From here things get a bit weird for a bit.  Cassie has a ghost helper, Billy-Joe, who tells her the guy who killed her parents is nearby. So she hops out the window to go talk to him (and maybe kill him? I honestly don't know what her plan was here). I thought the guy was a vampire and Cassie didn't really have much luck dealing with multiple vampires on her own, but it turns out he was a satyr (which was extra weird because she had just been talking to the ghost about faerie and how faeries couldn't exist when this satyr shows up, so I don't know).  Anyway, the vampire guardians and this crazy mage find her somehow (magically?  I don't know, wasn't very clear), then there's a showdown in the parking lot with them and Cassandra versus the satyrs who turn out to be part were-rats.  Plus some evil (?) mages show up too.  Cassie and Billy-Joe work some magic of their own, accidentally popping Cass out of her body and into the past.  After she gets back from that adventure, she pops out of her body to possess one of the evil mages.

After that craziness passes, the good made, Pritkin, freaks out because Cassie shouldn't be able to do the things she just did and therefore must be a demon.  He attempts to kill her right in front of the vampires, who don't take too kindly to that (but can't kill him because that would start a war with his mages).  They eventually manage to convince him that Cassie is not a demon (and suggest that he was sent to kill her because he has a one-track mind).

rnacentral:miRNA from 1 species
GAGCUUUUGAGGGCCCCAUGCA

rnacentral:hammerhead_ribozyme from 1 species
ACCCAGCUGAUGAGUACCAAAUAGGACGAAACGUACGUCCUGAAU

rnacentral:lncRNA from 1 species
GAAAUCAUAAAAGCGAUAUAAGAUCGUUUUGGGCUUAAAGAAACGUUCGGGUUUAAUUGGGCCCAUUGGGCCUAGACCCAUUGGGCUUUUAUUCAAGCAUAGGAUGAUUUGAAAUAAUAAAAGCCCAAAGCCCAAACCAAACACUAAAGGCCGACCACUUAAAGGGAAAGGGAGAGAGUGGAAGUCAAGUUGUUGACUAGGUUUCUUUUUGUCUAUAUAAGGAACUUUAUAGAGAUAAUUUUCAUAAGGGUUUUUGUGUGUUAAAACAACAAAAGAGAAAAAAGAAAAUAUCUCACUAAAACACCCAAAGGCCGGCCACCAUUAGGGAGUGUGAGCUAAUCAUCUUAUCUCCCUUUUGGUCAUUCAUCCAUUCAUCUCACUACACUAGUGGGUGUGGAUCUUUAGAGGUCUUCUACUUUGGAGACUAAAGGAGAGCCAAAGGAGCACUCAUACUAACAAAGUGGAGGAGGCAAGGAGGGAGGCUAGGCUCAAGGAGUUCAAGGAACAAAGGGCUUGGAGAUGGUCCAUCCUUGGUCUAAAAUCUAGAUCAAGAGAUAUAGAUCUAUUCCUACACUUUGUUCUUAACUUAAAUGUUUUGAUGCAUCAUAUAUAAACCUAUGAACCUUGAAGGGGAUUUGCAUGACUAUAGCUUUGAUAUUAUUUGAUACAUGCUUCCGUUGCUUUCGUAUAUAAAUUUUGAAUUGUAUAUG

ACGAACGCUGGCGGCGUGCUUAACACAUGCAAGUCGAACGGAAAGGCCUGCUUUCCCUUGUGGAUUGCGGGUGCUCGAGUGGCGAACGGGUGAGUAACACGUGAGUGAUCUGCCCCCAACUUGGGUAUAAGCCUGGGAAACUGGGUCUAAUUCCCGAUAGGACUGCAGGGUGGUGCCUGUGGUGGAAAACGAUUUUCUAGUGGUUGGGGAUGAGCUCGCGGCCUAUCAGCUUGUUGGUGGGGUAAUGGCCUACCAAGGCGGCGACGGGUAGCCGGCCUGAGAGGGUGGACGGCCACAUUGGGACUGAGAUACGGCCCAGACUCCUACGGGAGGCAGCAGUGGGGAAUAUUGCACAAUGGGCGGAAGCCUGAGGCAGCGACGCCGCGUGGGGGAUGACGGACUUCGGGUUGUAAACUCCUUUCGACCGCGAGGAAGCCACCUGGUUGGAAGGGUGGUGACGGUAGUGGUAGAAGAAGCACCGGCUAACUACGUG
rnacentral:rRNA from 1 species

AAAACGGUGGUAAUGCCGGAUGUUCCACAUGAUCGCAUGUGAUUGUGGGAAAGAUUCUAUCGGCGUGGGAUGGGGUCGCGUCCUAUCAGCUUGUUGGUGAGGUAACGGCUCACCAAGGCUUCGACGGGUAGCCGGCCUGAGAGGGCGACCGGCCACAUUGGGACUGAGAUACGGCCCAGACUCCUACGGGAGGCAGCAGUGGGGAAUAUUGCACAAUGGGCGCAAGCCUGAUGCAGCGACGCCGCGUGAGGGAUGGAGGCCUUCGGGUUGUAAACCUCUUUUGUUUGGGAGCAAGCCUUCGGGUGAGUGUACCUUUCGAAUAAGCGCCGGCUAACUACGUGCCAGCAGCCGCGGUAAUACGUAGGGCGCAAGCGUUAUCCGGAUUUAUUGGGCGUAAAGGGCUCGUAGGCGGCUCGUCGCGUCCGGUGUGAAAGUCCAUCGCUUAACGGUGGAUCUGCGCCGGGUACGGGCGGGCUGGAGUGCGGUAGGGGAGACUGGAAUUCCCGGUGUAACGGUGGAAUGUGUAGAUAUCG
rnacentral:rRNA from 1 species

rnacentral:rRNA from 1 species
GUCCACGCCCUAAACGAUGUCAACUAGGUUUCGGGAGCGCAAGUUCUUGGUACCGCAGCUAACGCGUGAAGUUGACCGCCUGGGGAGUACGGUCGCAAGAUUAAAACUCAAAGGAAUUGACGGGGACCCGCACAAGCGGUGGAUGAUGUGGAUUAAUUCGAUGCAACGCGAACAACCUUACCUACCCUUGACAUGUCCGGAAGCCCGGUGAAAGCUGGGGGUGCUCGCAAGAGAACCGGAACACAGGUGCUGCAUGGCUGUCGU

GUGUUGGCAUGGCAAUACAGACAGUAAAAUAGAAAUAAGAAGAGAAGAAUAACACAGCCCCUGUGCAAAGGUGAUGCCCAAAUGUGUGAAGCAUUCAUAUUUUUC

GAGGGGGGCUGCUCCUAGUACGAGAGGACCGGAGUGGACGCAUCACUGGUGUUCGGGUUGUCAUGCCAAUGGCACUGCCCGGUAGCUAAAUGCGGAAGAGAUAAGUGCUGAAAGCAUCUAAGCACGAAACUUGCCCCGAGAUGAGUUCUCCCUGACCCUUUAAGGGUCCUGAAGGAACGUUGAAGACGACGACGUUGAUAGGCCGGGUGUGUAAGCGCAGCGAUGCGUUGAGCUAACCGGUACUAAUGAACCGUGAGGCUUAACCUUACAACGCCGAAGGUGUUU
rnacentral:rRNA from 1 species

Somewhere around here, it's revealed that Cassie may be the heir to the Pythia, a powerful seer who is sort of the arbiter between the various supernatural factions.  Mircea, a powerful master vampire, tries to have sex with Cassie, believing it's the only way to make sure she is a suitable candidate for the Pythia's power (there's a rumour going around that the power won't go to a virgin).  There's a super long sex scene where he agrees to answer her questions in exchange for pleasuring her (it's kind of weird and goes on forever - over like two chapters).  She's into him, but keeps refusing sex because deep down she doesn't want to be trapped with the Pythia's power.